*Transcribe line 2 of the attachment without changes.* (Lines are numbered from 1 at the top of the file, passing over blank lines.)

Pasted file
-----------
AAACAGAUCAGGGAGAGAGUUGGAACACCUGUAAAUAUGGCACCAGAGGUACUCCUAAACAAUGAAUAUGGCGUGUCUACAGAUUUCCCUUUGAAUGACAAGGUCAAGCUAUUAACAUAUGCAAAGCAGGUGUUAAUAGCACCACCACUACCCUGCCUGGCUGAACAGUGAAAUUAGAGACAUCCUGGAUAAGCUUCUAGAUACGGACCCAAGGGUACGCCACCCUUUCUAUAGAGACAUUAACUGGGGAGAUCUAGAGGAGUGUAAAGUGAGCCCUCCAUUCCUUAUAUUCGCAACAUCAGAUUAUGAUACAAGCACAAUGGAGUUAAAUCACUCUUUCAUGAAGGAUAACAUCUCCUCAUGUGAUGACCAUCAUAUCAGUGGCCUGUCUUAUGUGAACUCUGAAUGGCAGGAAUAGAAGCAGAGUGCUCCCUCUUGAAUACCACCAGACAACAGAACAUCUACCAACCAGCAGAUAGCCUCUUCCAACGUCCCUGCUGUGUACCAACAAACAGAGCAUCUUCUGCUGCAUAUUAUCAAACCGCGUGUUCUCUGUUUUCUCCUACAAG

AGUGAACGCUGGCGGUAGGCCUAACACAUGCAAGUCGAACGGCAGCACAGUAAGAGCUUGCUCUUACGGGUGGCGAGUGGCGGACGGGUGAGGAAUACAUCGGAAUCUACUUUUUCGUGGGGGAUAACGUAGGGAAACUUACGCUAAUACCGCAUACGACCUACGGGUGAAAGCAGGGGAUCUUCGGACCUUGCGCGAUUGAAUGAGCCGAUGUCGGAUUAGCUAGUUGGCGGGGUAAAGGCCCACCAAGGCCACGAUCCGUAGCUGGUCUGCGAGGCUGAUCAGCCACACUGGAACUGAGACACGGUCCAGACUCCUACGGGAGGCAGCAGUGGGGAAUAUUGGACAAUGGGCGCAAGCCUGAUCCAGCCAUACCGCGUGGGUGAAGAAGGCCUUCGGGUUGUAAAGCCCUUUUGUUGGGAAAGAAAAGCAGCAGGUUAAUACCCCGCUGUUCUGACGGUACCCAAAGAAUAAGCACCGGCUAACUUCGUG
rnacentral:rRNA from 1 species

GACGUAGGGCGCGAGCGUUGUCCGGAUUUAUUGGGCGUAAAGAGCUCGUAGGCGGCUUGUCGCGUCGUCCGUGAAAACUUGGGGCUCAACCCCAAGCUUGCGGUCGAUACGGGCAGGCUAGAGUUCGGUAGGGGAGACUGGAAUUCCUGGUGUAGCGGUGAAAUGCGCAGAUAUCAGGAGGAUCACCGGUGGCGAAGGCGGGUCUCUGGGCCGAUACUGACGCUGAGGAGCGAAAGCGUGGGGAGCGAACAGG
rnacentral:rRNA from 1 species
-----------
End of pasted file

AGUGAACGCUGGCGGUAGGCCUAACACAUGCAAGUCGAACGGCAGCACAGUAAGAGCUUGCUCUUACGGGUGGCGAGUGGCGGACGGGUGAGGAAUACAUCGGAAUCUACUUUUUCGUGGGGGAUAACGUAGGGAAACUUACGCUAAUACCGCAUACGACCUACGGGUGAAAGCAGGGGAUCUUCGGACCUUGCGCGAUUGAAUGAGCCGAUGUCGGAUUAGCUAGUUGGCGGGGUAAAGGCCCACCAAGGCCACGAUCCGUAGCUGGUCUGCGAGGCUGAUCAGCCACACUGGAACUGAGACACGGUCCAGACUCCUACGGGAGGCAGCAGUGGGGAAUAUUGGACAAUGGGCGCAAGCCUGAUCCAGCCAUACCGCGUGGGUGAAGAAGGCCUUCGGGUUGUAAAGCCCUUUUGUUGGGAAAGAAAAGCAGCAGGUUAAUACCCCGCUGUUCUGACGGUACCCAAAGAAUAAGCACCGGCUAACUUCGUG